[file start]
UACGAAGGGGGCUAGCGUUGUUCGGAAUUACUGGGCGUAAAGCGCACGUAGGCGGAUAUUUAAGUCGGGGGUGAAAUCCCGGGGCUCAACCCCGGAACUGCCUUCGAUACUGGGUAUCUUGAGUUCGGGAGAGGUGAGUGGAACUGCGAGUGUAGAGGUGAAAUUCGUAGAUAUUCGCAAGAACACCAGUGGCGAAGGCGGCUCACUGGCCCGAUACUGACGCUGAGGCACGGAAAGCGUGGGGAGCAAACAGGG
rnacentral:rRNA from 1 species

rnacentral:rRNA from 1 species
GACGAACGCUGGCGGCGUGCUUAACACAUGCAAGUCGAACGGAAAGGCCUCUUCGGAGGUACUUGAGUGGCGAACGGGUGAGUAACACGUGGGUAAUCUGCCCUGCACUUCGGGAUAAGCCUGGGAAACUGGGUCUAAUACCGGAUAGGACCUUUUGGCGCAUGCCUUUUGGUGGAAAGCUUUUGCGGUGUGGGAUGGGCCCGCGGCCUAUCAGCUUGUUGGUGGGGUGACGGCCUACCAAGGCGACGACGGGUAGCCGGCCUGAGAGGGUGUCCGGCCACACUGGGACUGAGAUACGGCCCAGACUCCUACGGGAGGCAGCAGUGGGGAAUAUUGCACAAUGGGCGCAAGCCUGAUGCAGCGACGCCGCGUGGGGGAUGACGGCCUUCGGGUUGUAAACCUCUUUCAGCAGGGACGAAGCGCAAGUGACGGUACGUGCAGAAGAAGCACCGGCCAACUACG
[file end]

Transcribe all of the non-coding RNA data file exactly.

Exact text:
UACGAAGGGGGCUAGCGUUGUUCGGAAUUACUGGGCGUAAAGCGCACGUAGGCGGAUAUUUAAGUCGGGGGUGAAAUCCCGGGGCUCAACCCCGGAACUGCCUUCGAUACUGGGUAUCUUGAGUUCGGGAGAGGUGAGUGGAACUGCGAGUGUAGAGGUGAAAUUCGUAGAUAUUCGCAAGAACACCAGUGGCGAAGGCGGCUCACUGGCCCGAUACUGACGCUGAGGCACGGAAAGCGUGGGGAGCAAACAGGG
rnacentral:rRNA from 1 species

rnacentral:rRNA from 1 species
GACGAACGCUGGCGGCGUGCUUAACACAUGCAAGUCGAACGGAAAGGCCUCUUCGGAGGUACUUGAGUGGCGAACGGGUGAGUAACACGUGGGUAAUCUGCCCUGCACUUCGGGAUAAGCCUGGGAAACUGGGUCUAAUACCGGAUAGGACCUUUUGGCGCAUGCCUUUUGGUGGAAAGCUUUUGCGGUGUGGGAUGGGCCCGCGGCCUAUCAGCUUGUUGGUGGGGUGACGGCCUACCAAGGCGACGACGGGUAGCCGGCCUGAGAGGGUGUCCGGCCACACUGGGACUGAGAUACGGCCCAGACUCCUACGGGAGGCAGCAGUGGGGAAUAUUGCACAAUGGGCGCAAGCCUGAUGCAGCGACGCCGCGUGGGGGAUGACGGCCUUCGGGUUGUAAACCUCUUUCAGCAGGGACGAAGCGCAAGUGACGGUACGUGCAGAAGAAGCACCGGCCAACUACG